The International Monetary Fund (IMF) has placed Chile among the top 50 economies in the world in its World Economic Outlook report after raising estimates on the country’s gross domestic product (GDP) per capita.
In the report a country’s per capita GDP is calculated at “purchasing power parity” (PPP), meaning its average wealth is measured in terms of its living cost. GDP is placed in “international dollars.” Using these guidelines Chile’s per capita GDP was measured at US$18,354 this year, an upgrade from IMF’s April forecast of US$17,974.
The new estimates placed Chile just above Argentina, which stands at US$18,205, and well ahead of neighbors like Uruguay (US$15,840), Mexico (US$15,300), Panama (US$15,266), Venezuela (US$13,242) and Brazil (US$12,038), making Chile the highest ranked of all Latin American nations.
Furthermore, the report predicted that in 2014 the Andean nation would be the first in the region with a GDP per capita higher than US$20,000.
The World Economic Outlook divides the world into two major groups: advanced economies and emerging and developing economies.
While there is no concrete separation between developed and developing nations, El Mercurio writes that the figure of US$20,000 per capita GDP “is considered by some analysts as the benchmark to enter the club of developed nations,” or “advanced economies.”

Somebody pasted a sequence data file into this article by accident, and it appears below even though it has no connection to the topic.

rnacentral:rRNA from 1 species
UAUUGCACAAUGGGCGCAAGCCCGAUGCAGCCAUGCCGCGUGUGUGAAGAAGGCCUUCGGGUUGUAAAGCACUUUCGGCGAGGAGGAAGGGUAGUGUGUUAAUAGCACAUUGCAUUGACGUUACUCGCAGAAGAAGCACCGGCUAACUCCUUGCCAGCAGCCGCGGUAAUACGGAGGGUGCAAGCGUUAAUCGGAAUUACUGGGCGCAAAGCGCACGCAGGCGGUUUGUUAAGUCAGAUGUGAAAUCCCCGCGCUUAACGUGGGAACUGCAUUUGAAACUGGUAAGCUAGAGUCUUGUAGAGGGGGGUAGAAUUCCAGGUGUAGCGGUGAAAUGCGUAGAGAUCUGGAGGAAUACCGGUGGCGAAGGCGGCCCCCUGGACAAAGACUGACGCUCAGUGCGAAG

Chile has already gone some way toward official recognition in this economic bracket, becoming the first South American member of the Organization for Economic Cooperation and Development (OECD) – a group of comprised of the world’s developed economies – in 2010.
More good news to come from the World Economic Outlook was the IMFs increased growth projection for the Chilean economy in 2012, up from 4.3 percent to 5 percent. This is mirrored by figures from the Chilean Central Bank, which recently adjusted its 2012 outlook for Chile’s economic growth from 5 percent to 5.1 percent.
This post is also available in Spanish